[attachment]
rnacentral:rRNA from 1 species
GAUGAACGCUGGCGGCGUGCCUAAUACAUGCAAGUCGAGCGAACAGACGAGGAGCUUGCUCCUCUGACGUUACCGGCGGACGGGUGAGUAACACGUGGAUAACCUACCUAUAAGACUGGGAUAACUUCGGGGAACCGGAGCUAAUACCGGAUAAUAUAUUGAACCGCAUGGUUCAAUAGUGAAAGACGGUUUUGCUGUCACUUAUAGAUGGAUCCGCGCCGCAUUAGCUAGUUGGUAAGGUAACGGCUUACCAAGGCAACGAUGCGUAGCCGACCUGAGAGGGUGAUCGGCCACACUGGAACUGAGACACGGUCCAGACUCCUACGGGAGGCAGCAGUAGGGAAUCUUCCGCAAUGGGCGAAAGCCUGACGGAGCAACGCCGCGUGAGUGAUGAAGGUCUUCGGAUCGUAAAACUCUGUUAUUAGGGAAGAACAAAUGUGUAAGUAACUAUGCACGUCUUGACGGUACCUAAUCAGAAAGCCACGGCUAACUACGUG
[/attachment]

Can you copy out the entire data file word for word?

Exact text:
rnacentral:rRNA from 1 species
GAUGAACGCUGGCGGCGUGCCUAAUACAUGCAAGUCGAGCGAACAGACGAGGAGCUUGCUCCUCUGACGUUACCGGCGGACGGGUGAGUAACACGUGGAUAACCUACCUAUAAGACUGGGAUAACUUCGGGGAACCGGAGCUAAUACCGGAUAAUAUAUUGAACCGCAUGGUUCAAUAGUGAAAGACGGUUUUGCUGUCACUUAUAGAUGGAUCCGCGCCGCAUUAGCUAGUUGGUAAGGUAACGGCUUACCAAGGCAACGAUGCGUAGCCGACCUGAGAGGGUGAUCGGCCACACUGGAACUGAGACACGGUCCAGACUCCUACGGGAGGCAGCAGUAGGGAAUCUUCCGCAAUGGGCGAAAGCCUGACGGAGCAACGCCGCGUGAGUGAUGAAGGUCUUCGGAUCGUAAAACUCUGUUAUUAGGGAAGAACAAAUGUGUAAGUAACUAUGCACGUCUUGACGGUACCUAAUCAGAAAGCCACGGCUAACUACGUG